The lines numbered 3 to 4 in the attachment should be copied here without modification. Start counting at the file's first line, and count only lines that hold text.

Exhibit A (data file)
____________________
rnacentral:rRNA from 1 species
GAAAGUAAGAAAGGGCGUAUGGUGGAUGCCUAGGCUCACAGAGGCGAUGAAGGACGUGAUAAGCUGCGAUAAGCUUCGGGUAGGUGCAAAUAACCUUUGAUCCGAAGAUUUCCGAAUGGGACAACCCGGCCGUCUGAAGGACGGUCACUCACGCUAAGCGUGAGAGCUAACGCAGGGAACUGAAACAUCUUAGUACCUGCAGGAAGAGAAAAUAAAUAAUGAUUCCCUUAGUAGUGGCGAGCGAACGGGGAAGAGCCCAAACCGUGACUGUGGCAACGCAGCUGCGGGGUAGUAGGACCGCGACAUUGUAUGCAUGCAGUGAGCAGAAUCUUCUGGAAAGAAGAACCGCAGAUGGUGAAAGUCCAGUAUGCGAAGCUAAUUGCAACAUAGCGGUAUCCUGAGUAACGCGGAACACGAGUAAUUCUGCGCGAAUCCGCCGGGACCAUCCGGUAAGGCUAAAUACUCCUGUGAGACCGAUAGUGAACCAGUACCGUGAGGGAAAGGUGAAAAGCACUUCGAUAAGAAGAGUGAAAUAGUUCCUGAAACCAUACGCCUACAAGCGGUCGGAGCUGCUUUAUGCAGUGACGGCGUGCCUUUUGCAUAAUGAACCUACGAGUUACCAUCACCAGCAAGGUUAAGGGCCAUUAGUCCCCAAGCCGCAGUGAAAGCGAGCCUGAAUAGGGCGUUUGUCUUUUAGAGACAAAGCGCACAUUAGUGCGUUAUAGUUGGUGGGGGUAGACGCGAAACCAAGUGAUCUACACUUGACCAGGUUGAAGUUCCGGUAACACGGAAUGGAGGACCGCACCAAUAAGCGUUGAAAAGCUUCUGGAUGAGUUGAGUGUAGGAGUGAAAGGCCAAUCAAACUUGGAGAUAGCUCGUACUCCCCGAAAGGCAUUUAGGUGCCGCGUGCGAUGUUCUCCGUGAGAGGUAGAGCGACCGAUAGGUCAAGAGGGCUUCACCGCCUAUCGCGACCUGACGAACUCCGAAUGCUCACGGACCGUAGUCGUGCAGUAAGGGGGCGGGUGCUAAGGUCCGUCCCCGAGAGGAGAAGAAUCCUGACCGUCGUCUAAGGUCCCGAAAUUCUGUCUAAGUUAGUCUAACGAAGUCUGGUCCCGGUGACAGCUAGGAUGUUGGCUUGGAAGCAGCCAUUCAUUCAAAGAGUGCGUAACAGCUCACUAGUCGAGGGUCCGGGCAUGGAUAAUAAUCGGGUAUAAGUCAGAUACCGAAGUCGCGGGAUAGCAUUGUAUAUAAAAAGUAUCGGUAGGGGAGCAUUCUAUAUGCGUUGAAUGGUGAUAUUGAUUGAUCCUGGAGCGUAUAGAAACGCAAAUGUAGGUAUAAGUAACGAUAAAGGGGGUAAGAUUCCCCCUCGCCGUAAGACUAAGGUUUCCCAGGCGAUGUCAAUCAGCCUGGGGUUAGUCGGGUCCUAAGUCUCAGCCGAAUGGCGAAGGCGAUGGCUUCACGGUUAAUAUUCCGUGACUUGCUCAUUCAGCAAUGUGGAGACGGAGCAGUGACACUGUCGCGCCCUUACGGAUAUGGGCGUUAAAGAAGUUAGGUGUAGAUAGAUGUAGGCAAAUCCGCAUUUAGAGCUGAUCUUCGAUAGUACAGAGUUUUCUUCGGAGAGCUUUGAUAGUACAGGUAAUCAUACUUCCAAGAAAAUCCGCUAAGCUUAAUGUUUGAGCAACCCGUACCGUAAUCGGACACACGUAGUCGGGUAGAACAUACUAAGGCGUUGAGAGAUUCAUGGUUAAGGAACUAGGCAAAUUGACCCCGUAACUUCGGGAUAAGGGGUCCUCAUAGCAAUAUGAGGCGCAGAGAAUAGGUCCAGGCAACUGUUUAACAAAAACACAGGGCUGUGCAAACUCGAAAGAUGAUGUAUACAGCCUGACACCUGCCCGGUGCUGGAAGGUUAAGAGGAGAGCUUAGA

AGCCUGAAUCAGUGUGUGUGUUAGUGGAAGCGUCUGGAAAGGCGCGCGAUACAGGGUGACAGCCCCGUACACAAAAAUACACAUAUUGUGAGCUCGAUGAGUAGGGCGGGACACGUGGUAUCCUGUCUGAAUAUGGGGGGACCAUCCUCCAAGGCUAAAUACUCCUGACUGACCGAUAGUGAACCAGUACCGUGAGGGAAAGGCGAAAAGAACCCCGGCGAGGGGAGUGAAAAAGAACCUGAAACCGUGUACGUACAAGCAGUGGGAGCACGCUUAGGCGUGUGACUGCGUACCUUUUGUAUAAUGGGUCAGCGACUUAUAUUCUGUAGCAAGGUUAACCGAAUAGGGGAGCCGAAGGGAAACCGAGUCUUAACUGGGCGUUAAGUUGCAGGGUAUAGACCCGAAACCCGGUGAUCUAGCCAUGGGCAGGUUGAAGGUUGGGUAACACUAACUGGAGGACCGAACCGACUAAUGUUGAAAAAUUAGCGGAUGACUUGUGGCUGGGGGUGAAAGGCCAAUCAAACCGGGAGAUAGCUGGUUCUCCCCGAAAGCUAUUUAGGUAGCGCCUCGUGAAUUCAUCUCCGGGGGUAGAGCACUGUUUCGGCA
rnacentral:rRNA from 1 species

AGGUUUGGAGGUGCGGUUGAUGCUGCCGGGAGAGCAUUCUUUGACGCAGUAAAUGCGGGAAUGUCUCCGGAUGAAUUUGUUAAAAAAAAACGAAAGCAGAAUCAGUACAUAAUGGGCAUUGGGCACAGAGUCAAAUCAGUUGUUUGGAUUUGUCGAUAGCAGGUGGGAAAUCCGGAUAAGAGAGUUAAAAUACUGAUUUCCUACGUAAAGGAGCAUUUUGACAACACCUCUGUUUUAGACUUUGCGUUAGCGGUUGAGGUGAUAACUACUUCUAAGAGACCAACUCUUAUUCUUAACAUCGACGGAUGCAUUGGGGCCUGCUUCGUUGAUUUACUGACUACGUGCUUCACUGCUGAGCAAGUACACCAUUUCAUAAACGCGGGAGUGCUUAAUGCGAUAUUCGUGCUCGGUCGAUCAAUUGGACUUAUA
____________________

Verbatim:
AGCCUGAAUCAGUGUGUGUGUUAGUGGAAGCGUCUGGAAAGGCGCGCGAUACAGGGUGACAGCCCCGUACACAAAAAUACACAUAUUGUGAGCUCGAUGAGUAGGGCGGGACACGUGGUAUCCUGUCUGAAUAUGGGGGGACCAUCCUCCAAGGCUAAAUACUCCUGACUGACCGAUAGUGAACCAGUACCGUGAGGGAAAGGCGAAAAGAACCCCGGCGAGGGGAGUGAAAAAGAACCUGAAACCGUGUACGUACAAGCAGUGGGAGCACGCUUAGGCGUGUGACUGCGUACCUUUUGUAUAAUGGGUCAGCGACUUAUAUUCUGUAGCAAGGUUAACCGAAUAGGGGAGCCGAAGGGAAACCGAGUCUUAACUGGGCGUUAAGUUGCAGGGUAUAGACCCGAAACCCGGUGAUCUAGCCAUGGGCAGGUUGAAGGUUGGGUAACACUAACUGGAGGACCGAACCGACUAAUGUUGAAAAAUUAGCGGAUGACUUGUGGCUGGGGGUGAAAGGCCAAUCAAACCGGGAGAUAGCUGGUUCUCCCCGAAAGCUAUUUAGGUAGCGCCUCGUGAAUUCAUCUCCGGGGGUAGAGCACUGUUUCGGCA
rnacentral:rRNA from 1 species